Romania is 5,000 or so miles from New York City, but I’d only been in town an hour before I found a friend of Radiolab.
Okay, that’s not entirely fair: I found a whole crowd of Radiolab friends the moment I landed. The conference I was invited to teach at was organized by a very cool new magazine of narrative nonfiction called Decat o Revista – it translates to Just a Magazine – and the editors, a motley crew of super-talented 20- and 30-something writers, photographers and designers, are huge fans of the show.
But I knew that going in. The friend I didn’t expect was our frequent correspondent David Quammen – in our most recent hour-long episode, he tells the story of the origin of HIV. Okay, he wasn’t there in the flesh. But he was there in story.
Several years ago, Quammen published an article in The Atlantic about Romania’s bears. Turns out the country has an enormous population of brown bears, by far the biggest in Europe. Why? The nation’s former dictator, Nicolae Caeusescu, absolutely loved hunting them. Wait: The dictator’s bear-hunting obsession caused the bear population to grow? Right. Because the thing about Caeusescu was, well, he was pretty selfish, and while he was in power, even though he routinely hiked into the mountains to massacre the furry beasts, he didn’t let anybody else do it.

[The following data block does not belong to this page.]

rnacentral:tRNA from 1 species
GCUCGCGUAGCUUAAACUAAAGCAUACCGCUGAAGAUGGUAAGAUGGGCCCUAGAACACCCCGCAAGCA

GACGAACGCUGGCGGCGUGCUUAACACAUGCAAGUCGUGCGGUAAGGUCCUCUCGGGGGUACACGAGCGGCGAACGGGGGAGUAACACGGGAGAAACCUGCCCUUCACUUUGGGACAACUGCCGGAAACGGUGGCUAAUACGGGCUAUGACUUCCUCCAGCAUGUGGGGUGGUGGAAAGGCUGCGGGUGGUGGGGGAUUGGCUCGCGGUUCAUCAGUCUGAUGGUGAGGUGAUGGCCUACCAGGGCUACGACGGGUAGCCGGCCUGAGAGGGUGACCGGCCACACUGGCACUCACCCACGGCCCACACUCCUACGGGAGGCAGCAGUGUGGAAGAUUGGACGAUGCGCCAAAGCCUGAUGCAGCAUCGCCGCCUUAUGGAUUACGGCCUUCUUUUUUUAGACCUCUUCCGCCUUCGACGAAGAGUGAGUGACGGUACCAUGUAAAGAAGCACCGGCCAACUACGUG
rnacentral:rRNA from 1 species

In his article, Quammen visits Caeusescu’s former hunting grounds – the leader was overthrown and executed in 1989 – and asks a provocative question: Could dictatorship be the best form of government for wildlife conservation?
A couple months ago, Decat o Revista wrote to Quammen and asked if they could reprint his article in Romanian. Being the nice guy he is, Quammen said, sure. The magazine updated the story slightly, found some additional photographs and republished it.
You can read Quammen's article in English here.
Romania’s bears live in the mountains – the urban ecosystem is dominated primarily by stray dogs, seriously – and my first full day in the country I got on a train and headed west into the Carpathians, into bear country. I saw dozens of signs warning to look out for Ursas arctos, and my guide, Anca, told me lots of stories about her own encounters with the massive creatures, but we didn’t see any on our trip. Which, frankly, was fine with me.
We did, however, take in some of the most spectacular mountain views I have ever seen.
Narrowly avoided death climbing down a snow- and ice-filled mountain horn.
And slept in an adorable mountain hut, accessible only by trail and staffed my an old man and his son.
Romania is a remarkable country. And the folks at Decat o Revista are doing some exceptionally fine nonfiction storytelling in a place where a tradition of narrative journalism simply doesn’t exist. Thanks go to my hosts for their work – and their hospitality.
Check out the magazine – they publish two English-language editions each year. And if you’re ever looking for an escape to beautiful mountains populated by kind, friendly people – and tons of huge bears – then check out Romania, too.